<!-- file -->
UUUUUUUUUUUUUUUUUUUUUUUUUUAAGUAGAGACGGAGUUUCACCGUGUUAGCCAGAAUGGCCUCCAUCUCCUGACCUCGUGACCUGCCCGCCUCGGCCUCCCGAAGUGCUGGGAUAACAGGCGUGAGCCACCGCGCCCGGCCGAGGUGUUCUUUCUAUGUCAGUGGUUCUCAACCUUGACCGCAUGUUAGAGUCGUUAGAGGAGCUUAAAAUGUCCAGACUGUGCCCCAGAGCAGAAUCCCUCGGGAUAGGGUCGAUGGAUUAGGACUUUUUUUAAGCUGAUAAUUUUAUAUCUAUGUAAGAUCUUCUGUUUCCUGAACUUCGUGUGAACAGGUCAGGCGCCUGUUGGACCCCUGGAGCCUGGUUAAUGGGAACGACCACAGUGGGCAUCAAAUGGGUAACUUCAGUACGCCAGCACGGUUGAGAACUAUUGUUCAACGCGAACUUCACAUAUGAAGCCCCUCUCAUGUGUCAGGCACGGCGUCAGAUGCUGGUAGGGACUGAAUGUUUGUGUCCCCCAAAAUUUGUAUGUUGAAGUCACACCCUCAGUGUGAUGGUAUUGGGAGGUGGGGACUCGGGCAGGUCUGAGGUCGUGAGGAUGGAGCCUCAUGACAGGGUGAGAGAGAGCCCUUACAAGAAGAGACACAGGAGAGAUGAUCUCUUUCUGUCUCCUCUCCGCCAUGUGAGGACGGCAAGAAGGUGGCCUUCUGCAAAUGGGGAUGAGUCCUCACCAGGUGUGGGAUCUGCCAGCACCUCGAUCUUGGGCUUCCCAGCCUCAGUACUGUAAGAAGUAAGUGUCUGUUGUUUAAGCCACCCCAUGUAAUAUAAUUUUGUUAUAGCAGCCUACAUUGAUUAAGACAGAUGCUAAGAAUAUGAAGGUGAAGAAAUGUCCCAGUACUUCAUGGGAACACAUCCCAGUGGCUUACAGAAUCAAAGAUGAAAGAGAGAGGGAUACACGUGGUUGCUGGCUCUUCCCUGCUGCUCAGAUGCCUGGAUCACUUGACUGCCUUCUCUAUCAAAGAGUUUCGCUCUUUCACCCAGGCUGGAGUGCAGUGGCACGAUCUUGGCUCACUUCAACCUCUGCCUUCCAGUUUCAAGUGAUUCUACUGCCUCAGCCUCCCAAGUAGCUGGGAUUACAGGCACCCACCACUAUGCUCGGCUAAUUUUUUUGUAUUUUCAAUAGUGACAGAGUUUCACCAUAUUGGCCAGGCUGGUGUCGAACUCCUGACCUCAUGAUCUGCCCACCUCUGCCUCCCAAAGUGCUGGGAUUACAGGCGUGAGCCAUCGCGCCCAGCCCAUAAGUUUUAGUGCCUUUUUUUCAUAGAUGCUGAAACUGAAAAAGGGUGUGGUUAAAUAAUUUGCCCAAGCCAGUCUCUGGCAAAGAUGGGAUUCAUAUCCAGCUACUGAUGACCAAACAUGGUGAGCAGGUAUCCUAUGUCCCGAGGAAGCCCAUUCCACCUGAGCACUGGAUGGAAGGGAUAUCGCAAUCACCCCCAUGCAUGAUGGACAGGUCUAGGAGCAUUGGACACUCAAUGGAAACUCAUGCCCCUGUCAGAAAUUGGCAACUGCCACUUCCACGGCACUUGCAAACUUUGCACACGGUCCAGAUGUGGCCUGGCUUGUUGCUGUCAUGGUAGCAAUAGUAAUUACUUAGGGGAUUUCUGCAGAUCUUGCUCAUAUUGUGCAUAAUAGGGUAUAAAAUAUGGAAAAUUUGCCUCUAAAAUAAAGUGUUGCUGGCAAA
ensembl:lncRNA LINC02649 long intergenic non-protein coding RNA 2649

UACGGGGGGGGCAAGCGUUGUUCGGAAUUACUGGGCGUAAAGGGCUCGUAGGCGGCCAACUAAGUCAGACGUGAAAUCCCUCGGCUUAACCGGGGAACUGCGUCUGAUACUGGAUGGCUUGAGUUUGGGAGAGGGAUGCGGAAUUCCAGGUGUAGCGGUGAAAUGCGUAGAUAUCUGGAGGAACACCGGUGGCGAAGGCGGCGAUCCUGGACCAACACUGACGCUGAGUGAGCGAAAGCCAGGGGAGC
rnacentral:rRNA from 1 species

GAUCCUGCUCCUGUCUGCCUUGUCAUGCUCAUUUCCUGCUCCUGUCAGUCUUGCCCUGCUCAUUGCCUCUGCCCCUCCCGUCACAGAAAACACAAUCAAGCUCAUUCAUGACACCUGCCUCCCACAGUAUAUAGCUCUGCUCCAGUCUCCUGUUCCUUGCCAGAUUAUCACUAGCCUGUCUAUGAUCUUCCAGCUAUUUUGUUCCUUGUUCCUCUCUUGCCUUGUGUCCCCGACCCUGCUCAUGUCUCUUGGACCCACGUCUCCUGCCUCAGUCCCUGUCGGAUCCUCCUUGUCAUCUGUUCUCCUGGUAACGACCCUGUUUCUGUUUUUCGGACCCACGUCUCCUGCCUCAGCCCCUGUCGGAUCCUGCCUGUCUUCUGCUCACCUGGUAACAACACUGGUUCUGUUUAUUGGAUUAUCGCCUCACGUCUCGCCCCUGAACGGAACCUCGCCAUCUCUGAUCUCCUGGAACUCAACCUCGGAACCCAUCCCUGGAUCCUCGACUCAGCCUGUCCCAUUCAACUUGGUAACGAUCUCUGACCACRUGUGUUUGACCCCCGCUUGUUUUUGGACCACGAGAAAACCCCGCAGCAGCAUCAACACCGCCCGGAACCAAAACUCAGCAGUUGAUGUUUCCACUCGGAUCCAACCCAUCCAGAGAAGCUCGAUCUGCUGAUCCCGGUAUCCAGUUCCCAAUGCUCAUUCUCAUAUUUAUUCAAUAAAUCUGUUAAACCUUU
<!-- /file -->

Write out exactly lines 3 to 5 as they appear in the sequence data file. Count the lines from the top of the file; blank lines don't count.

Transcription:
UACGGGGGGGGCAAGCGUUGUUCGGAAUUACUGGGCGUAAAGGGCUCGUAGGCGGCCAACUAAGUCAGACGUGAAAUCCCUCGGCUUAACCGGGGAACUGCGUCUGAUACUGGAUGGCUUGAGUUUGGGAGAGGGAUGCGGAAUUCCAGGUGUAGCGGUGAAAUGCGUAGAUAUCUGGAGGAACACCGGUGGCGAAGGCGGCGAUCCUGGACCAACACUGACGCUGAGUGAGCGAAAGCCAGGGGAGC
rnacentral:rRNA from 1 species

GAUCCUGCUCCUGUCUGCCUUGUCAUGCUCAUUUCCUGCUCCUGUCAGUCUUGCCCUGCUCAUUGCCUCUGCCCCUCCCGUCACAGAAAACACAAUCAAGCUCAUUCAUGACACCUGCCUCCCACAGUAUAUAGCUCUGCUCCAGUCUCCUGUUCCUUGCCAGAUUAUCACUAGCCUGUCUAUGAUCUUCCAGCUAUUUUGUUCCUUGUUCCUCUCUUGCCUUGUGUCCCCGACCCUGCUCAUGUCUCUUGGACCCACGUCUCCUGCCUCAGUCCCUGUCGGAUCCUCCUUGUCAUCUGUUCUCCUGGUAACGACCCUGUUUCUGUUUUUCGGACCCACGUCUCCUGCCUCAGCCCCUGUCGGAUCCUGCCUGUCUUCUGCUCACCUGGUAACAACACUGGUUCUGUUUAUUGGAUUAUCGCCUCACGUCUCGCCCCUGAACGGAACCUCGCCAUCUCUGAUCUCCUGGAACUCAACCUCGGAACCCAUCCCUGGAUCCUCGACUCAGCCUGUCCCAUUCAACUUGGUAACGAUCUCUGACCACRUGUGUUUGACCCCCGCUUGUUUUUGGACCACGAGAAAACCCCGCAGCAGCAUCAACACCGCCCGGAACCAAAACUCAGCAGUUGAUGUUUCCACUCGGAUCCAACCCAUCCAGAGAAGCUCGAUCUGCUGAUCCCGGUAUCCAGUUCCCAAUGCUCAUUCUCAUAUUUAUUCAAUAAAUCUGUUAAACCUUU